There's little place for sentiment in modern football. Deals are made, form drops, players get old and teams move on. It's no different to any other business. There are times, though, when a little sentiment wouldn't go amiss. Thursday is one such moment.
How lovely would it have been if Michael Dawson's move to Hull could have been put back a few days so that he could have had one last outing at White Hart Lane -- a chance for him and the fans to say goodbye to one another properly. It was never going to happen, though. Money always talks loudest, and Hull wouldn't want their new player cup-tied for a competition in which they still have an interest. But it's still a shame.
Pundits often talk about players having been "a great servant to the club." I loathe the expression, with its feudal overtones. What Dawson has been, though, is utterly loyal and committed to Spurs for the best part of a decade; a player who never gave up on any lost cause. There haven't been too many of that sort at White Hart Lane in recent years. His passion and enthusiasm will be much missed.
It's true his form dipped badly last season; at times his lack of pace made him a liability. It's also true that the move to Hull is in the interests of everyone concerned. Dawson wants to play first-team football and he isn't likely to get it at Spurs. Jan Vertonghen, Eric Dier, Younes Kaboul, Vlad Chiriches and brand-new signing Federico Fazio from Sevilla are all well ahead of him in the pecking order. At Hull, Dawson should be in the starting XI, so everyone at White Hart Lane should wish him well.
That said, the return leg against AEL Limassol presents Spurs with a few selection dilemmas. The 2-1 advantage from the away tie doesn't make qualification a formality; if Spurs concede an early goal, the match becomes a very different proposition. Tempting as it must be, therefore, to rest key players ahead of Sunday's big Premier League clash against Liverpool, Mauricio Pochettino won't want to take anything for granted.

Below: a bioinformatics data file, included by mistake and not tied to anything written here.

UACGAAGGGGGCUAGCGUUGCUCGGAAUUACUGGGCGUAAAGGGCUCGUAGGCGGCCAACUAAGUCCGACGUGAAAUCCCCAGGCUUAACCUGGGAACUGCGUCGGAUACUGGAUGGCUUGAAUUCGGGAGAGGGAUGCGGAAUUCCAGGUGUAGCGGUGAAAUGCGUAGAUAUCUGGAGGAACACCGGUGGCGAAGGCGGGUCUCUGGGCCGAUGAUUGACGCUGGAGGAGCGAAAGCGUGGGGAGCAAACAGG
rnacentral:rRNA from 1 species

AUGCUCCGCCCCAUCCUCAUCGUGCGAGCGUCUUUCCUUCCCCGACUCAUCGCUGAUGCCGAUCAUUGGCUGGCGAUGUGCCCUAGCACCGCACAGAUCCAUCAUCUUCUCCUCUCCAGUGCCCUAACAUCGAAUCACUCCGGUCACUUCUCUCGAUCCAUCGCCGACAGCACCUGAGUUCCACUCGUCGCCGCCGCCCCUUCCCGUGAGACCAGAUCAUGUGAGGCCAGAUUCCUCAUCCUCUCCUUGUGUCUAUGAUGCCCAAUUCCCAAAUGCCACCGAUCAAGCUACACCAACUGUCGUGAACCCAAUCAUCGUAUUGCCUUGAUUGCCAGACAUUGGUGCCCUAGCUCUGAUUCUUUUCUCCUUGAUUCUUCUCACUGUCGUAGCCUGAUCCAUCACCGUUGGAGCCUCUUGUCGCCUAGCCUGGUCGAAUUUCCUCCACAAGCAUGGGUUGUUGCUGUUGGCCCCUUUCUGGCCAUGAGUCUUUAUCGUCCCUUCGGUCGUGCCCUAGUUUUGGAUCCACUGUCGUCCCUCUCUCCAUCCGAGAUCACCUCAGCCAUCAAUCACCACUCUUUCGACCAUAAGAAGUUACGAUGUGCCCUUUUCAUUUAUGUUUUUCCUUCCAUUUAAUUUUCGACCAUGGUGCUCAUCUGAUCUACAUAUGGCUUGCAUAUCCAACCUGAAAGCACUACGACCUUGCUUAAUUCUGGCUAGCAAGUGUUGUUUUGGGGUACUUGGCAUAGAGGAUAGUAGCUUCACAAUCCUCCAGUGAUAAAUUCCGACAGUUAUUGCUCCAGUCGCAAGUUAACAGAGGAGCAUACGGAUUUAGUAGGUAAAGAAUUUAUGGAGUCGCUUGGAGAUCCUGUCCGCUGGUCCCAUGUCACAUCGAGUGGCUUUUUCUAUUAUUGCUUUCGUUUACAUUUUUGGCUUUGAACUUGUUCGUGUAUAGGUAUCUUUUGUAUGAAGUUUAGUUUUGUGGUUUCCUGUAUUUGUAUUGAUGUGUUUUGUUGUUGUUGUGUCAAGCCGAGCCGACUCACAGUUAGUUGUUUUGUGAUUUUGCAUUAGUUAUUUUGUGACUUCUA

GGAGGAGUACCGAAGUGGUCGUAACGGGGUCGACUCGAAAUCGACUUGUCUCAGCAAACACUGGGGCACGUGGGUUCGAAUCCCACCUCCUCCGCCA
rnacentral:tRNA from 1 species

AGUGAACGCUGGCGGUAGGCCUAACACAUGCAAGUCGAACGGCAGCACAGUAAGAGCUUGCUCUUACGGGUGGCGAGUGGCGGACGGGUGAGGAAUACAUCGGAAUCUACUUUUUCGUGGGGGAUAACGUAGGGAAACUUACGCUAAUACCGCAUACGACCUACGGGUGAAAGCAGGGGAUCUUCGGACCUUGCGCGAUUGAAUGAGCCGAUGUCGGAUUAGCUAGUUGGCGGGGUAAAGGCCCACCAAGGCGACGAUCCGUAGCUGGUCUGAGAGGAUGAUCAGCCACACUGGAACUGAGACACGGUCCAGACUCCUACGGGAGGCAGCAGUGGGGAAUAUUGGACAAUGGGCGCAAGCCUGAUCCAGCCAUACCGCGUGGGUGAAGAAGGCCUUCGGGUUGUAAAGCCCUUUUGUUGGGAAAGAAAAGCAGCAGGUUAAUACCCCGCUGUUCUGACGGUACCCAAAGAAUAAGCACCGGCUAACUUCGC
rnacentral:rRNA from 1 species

Some changes are almost inevitable, though. Emmanuel Adebayor is bound to be given a breather, which means that with Roberto Soldado injured, Harry Kane should get a start up front. Should he get injured or Spurs need some extra firepower late in the game, presumably Pochettino will have to use an extra attacking midfielder instead. Bringing on Adebayor would be a high-risk strategy given Spurs' limited striking options and the Liverpool game to follow.
In defence, Kyle Naughton and Ben Davies should get a chance at full-back, while Chiriches returns from injury in the centre. Vertonghen will probably complete the defensive quartet. There were newspaper rumours that Pochettino was planning to sell both Lewis Holtby and Andros Townsend; the manager has since denied this and it wouldn't be a surprise were either to feature in the starting XI. Townsend, in particular, looked exceptionally lively when he came on as substitute against West Ham and many fans would be disappointed were he to be moved on. If Spurs are to lose a winger, the more logical choice would be Aaron Lennon, who looks out of sorts and out of pace.
For one player, though, the game may represent something of a last chance saloon: Paulinho needs to impress. He had a poor first season for Spurs, a terrible World Cup for Brazil, and against Limassol in the first leg -- his only game this season -- he looked lethargic and unfocused. It's time for him to show some skill and desire, otherwise he may find it increasingly hard to even make the subs' bench.
The London Cypriot community will make sure of a noisy night at White Hart Lane, but Spurs should still have more than enough to see off Limassol. A comfortable win would be just what the manager ordered.